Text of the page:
I was doing some research on blood substitution recipes (these things happen when one muses over the topic of Klingon Blood Wine too long) and I happened to come across Sanguinarius. To be honest, I was kind of disappointed with all the recipes I found on the net, so I did some research from some medical sites and created my own blood substitute recipe. It is chemically very similar to real blood, but obviously lacks all biological components. At any rate, I figured that the vampiric community might be interested in my findings, so I hand this recipe off to Sanguinarius in the hopes that she will perhaps post it up somewhere for all to enjoy.
Here are some theories of blood substitute creation for use in food. The recipes are based off of actual medical information.
Recipes make a half gallon of HemoSynth™
8 cups water (1/2 gallon)
1000 mg Calcium
3000 mg Potassium
2200 mg Sodium
18 mg Iron
40 g Sugar (10 level tsp, [or 7 rounded])
300 mg Cholesterol
Blend until frothy and all lumps are completely dissolved. Crush pills beforehand if necessary. Also, a good way to dissolve pills is in a little bit of water in the microwave in the bottom of a cup. Speaking of microwaves, you may want to heat your blood in the microwave depending on your usage (I don’t want to know, please don’t tell me).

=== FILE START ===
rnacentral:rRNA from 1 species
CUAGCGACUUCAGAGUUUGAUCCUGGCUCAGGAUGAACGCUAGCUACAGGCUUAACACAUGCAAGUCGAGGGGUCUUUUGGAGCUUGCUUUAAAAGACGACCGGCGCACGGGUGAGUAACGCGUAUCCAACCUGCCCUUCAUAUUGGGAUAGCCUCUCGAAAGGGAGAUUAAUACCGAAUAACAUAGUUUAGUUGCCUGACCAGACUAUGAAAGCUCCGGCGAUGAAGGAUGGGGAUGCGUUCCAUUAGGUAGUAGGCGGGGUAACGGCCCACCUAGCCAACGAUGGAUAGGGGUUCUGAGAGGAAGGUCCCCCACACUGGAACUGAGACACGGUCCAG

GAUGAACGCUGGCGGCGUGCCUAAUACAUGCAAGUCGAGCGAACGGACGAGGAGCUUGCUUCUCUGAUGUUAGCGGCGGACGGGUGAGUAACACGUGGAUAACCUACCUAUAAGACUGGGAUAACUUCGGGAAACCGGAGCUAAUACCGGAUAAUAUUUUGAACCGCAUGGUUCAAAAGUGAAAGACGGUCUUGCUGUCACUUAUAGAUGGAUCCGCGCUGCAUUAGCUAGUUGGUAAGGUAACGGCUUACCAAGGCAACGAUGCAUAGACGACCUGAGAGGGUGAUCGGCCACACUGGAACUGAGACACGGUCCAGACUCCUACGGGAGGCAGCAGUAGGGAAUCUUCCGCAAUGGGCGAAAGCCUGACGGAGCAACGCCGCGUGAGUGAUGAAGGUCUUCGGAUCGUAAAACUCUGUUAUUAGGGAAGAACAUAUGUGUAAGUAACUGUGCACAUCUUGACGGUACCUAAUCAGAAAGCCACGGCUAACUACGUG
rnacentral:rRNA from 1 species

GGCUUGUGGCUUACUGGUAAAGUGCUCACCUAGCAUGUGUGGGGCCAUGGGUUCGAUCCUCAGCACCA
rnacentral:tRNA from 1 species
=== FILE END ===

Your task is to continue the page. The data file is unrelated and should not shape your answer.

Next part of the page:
Two things will vary in the recipe. First of all will be the amounts of each ingredient included. Men may want to include less iron, women more. Sugar, cholesterol, and sodium are also items you may want to play around with dependent on your dietary needs and desires.
The second factor will be the source of these ingredients. In general pills work well. Sodium can come from salt or stress tabs. Sugar in granulated or powdered form. Cholesterol can come from dairy products, plant oils, or animal fats dependent on what effect you are going for. Be aware that if you get one ingredient from a dairy product you cannot then include anything acidic in the mix as it will cause curdling to occur.
Remember, the closer that you stick to the recipe, the closer this will be to the contents of actual blood. I admit that the recipe is not really scientific, but, sadly, it is better than anything that I have found on the internet so far. Basically, it is blood without the biological component. The mix is very similar chemically to plasma. If you do decide that you would like a biological component, pulp fruit and vegetable juices work well as does ground meat (but that kind of defeats the purpose of synthetic blood doesn’t it?). For goodness sake do not, under any circumstances, attempt to use this as a medical substitute for blood; the person receiving it will die painfully. Finally, for those of you thinking it, sports drinks actually do not make a good base for this mix, as the electrolyte chemical levels are far too low to be usable. A final, final comment: Don’t raise the level of Potassium, ever.
(Numbers are based on daily allowances. It seemed like the best and easiest way to do it at the time.)